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September 2, 2015

In various forms, I’ve talked about this before. Story flow.

I read a lot. Okay, I’ve also talked about that a lot. The other day, at the most inspiring place in the world, Disneyland, a lot of things popped into my head, including the seeds for this article. Then that spark of an idea came to roost when I’d finished the book I was reading during that trip and started the one I’m currently reading (and finished last night), which had 152 short chapters. That made this thought come full circle back to what I’d read while stuck in the hospital.

Story flow. It can make or break your story.

First off, I’m not going to condemn every style I don’t like personally, but then again, I am going to explain why I think they’re a detriment to an easy and enjoyable read.

Being a writer is one thing. However, before we were writers, we were readers, true? I certainly hope we still are, because that’s the whole reason for taking up this passion, to make something readable either for ourselves, or eventually for other people.

Why torture your readers?


Digging up examples of past books I’ve read, there was the example of a recent science fiction novel I read. They style was herky-jerky, frenetic pacing. The author wrote in random thoughts, expected the reader to have read the previous two books, and buried the action, which was admittedly relentless, within that jumbled mess. In a way, the pacing was steady, but the writing distracted from that.

I’ve read other novels where they would start slow, pick up at a frantic pace, slow down, have a burst of action, then nothing for a very long time. Finally, they’d end with a small burst of action. The chapters were very long, like thirty pages or more, with no scenes.

To me, that’s as herky jerky as the sci-fi writer with the relentless pace.


This is getting more into the literate way of things. The pacing is almost non-existent as the author spends all their real-estate developing the characters. Plot is a side issue. The chapters are long, the paragraphs are very long and the narrative tends to be rambling.

This is a word lover’s dream.

When I was stuck in the hospital, I read a murder-serial killer story that moved at a snail’s-pace. Not only that, it had an unsatisfying ending. It was pure torture.


Though I’m not big fan of James Patterson’s novels, mainly because he tends to write first-person most of the time, the one thing I like about him is that instead of writing scenes, he writes very short chapters. His novels might have 80 – 100 chapters or more. A side effect of this is that he also tends to avoid head-hopping because he’s able to contain the scenes to single characters when he does write third-person.

This style makes for a fast-paced and easy read, especially if you read at commercials.

The current icky bug novel I just finished had 152 chapters and was a pure pleasure to read. Fast-paced, it was solid third-person and there was no room for head-hopping. I loved everything about it except the ending!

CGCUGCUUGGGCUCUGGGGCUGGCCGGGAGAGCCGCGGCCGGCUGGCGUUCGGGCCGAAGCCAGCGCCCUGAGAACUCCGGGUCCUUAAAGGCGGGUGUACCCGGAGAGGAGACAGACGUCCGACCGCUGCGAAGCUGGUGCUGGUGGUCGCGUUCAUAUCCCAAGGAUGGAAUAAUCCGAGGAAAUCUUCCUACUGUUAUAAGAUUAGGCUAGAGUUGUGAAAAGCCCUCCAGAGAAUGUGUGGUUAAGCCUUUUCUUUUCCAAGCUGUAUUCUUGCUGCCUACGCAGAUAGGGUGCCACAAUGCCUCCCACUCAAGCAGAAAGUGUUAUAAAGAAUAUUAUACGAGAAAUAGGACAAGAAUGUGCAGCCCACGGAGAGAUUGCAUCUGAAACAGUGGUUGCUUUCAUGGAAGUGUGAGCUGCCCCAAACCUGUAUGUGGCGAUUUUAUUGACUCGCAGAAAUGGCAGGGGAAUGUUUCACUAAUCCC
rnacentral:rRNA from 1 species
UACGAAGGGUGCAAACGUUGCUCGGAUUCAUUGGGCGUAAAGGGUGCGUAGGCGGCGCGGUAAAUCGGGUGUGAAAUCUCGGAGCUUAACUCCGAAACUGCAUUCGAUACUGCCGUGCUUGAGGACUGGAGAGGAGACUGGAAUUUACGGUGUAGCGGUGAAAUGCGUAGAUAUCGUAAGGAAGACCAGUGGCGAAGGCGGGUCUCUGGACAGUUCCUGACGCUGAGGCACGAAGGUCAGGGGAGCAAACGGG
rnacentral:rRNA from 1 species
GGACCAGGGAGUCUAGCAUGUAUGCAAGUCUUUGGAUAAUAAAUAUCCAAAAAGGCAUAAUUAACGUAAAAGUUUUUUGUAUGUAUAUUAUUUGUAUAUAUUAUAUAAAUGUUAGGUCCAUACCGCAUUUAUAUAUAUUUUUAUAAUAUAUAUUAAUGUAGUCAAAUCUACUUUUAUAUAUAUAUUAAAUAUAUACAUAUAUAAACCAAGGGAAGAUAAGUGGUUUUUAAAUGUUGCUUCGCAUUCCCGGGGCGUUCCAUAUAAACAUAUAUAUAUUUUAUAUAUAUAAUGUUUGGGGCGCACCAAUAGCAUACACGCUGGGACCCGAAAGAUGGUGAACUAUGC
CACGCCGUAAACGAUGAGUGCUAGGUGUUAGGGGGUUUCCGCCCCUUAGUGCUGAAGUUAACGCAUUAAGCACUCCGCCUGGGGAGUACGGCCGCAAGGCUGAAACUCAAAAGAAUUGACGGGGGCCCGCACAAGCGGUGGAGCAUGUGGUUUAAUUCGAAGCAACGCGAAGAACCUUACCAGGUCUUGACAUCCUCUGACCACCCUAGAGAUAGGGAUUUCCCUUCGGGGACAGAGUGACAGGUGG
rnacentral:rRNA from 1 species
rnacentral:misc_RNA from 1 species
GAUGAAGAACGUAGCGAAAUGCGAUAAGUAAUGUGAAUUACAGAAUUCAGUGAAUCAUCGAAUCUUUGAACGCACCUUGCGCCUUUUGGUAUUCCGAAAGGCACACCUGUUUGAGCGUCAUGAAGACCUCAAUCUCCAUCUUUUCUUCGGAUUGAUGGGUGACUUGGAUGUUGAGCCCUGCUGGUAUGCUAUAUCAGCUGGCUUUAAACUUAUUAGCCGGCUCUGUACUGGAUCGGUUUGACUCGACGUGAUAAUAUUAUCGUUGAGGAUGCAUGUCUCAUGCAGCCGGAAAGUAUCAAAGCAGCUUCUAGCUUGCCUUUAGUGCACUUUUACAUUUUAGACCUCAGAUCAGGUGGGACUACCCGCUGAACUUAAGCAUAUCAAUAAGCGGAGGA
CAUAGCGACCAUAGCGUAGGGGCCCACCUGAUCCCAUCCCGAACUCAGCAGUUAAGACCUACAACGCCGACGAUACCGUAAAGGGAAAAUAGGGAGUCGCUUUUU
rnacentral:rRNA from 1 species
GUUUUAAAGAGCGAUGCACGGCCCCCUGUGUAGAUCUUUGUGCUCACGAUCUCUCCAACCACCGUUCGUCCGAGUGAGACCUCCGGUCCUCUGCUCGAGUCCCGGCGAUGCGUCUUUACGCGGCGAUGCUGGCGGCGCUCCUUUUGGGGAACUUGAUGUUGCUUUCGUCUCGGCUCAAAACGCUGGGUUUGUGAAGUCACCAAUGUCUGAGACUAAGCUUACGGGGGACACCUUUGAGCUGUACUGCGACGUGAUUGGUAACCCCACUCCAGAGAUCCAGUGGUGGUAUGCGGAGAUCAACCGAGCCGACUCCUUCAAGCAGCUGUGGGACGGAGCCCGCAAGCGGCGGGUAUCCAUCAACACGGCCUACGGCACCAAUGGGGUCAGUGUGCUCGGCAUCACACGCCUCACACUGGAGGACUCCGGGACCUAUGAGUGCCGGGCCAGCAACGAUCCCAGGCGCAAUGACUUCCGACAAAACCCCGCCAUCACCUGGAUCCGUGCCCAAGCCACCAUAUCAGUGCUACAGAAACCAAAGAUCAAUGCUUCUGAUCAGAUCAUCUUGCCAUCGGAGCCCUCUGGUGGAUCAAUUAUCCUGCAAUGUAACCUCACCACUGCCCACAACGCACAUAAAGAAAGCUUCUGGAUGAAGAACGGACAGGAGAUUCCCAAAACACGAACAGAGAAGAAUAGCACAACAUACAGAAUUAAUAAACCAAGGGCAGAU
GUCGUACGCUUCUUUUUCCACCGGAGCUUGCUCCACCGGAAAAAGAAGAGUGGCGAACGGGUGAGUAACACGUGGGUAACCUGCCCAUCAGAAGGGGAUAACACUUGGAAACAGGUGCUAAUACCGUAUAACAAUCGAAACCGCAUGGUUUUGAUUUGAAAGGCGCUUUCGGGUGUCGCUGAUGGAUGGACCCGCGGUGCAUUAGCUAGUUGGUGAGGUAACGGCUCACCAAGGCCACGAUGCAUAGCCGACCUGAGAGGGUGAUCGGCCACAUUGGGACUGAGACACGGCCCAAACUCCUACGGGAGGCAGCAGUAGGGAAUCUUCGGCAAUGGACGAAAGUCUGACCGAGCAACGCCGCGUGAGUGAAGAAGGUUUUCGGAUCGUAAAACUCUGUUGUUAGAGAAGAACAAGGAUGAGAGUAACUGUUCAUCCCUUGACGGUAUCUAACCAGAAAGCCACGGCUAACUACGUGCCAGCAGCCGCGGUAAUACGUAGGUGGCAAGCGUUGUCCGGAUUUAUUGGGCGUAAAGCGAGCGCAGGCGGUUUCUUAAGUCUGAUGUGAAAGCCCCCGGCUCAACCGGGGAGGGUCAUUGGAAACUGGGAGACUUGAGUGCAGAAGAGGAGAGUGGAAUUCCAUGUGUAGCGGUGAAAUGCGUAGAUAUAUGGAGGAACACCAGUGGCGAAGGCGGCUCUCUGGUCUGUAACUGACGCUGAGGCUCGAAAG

You don’t have to write hundreds of short chapters to have fast pacing either. You can do it with multiple scenes, or even just relatively short paragraphs.

You can do it by not rambling.

You can do it by getting to the point.

You can do it by moving the story, even if every scene isn’t a chase scene.

All you have to do is pace the story. By that, I mean give it a steady buildup to the climax. Make sure something is happening in every scene. It doesn’t have to be thrills. Keep the genre in mind, of course. It has to be something significant to move the story along and it has to be some kind of action (movement), no matter what kind of story it is.


By action I don’t mean necessarily action/adventure as in the genre. I mean, the characters have to do something significant to move the story. That’s it. Forward pacing. NOT backward pacing.

Think about it.

You have a story about two little old ladies getting ready for a quilting bee. They’re mild rivals. They get together to check out each other’s work. Now is not the time to go into a long diatribe about how they went for ice cream when they were nine years old. Okay, maybe a couple of sentences, but not an entire chapter, right? Pacing.

These two old ladies have an interplay where they examine each other’s work and mildly, or maybe harshly criticize each other’s work. Bla Bla Bla.

Story movement. Conflict.

Notice how I deliberately picked a genre I don’t write, just to illustrate my point.

That was an action scene that moved the story forward, demonstrating their rivalry.


Overlong descriptions.

Going off on a side story.

Going off on a rant.

Unrelated back story.

Unrelated flashbacks (see back story).

Every one of these things may have action in them by definition, but they’re not action that moves the plot/story forward. The slow the pacing and jerk the reader out of the main story/plot/main action.

I’d also like to add overlong chapters and paragraphs. Overlong sentences also don’t do you any favors, as well as lack of scene breaks.

The idea is not to torture your readers. Your story is supposed to be a pleasure to read.

Finally, don’t throw the dictionary at them. ‘Nuff said about that one.


Keep in mind that as much as you like to write, one day someone else may want to read it. Don’t torture them (or an editor)!

Happy writing!

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